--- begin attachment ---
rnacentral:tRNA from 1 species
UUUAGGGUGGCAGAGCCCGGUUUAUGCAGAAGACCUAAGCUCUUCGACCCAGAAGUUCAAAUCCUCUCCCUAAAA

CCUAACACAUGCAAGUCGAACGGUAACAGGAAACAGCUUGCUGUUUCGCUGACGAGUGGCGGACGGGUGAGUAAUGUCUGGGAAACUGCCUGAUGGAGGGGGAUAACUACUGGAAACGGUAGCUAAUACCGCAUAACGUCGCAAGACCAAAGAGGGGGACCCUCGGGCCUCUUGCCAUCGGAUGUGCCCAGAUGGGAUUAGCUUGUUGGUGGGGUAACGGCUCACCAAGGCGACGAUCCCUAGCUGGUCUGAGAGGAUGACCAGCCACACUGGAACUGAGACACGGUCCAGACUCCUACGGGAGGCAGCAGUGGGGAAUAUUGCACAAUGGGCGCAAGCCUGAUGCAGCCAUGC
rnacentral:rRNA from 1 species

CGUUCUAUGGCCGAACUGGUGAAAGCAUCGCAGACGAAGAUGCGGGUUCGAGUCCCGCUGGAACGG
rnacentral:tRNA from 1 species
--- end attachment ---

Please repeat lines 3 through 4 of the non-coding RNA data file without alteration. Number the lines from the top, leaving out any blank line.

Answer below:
CCUAACACAUGCAAGUCGAACGGUAACAGGAAACAGCUUGCUGUUUCGCUGACGAGUGGCGGACGGGUGAGUAAUGUCUGGGAAACUGCCUGAUGGAGGGGGAUAACUACUGGAAACGGUAGCUAAUACCGCAUAACGUCGCAAGACCAAAGAGGGGGACCCUCGGGCCUCUUGCCAUCGGAUGUGCCCAGAUGGGAUUAGCUUGUUGGUGGGGUAACGGCUCACCAAGGCGACGAUCCCUAGCUGGUCUGAGAGGAUGACCAGCCACACUGGAACUGAGACACGGUCCAGACUCCUACGGGAGGCAGCAGUGGGGAAUAUUGCACAAUGGGCGCAAGCCUGAUGCAGCCAUGC
rnacentral:rRNA from 1 species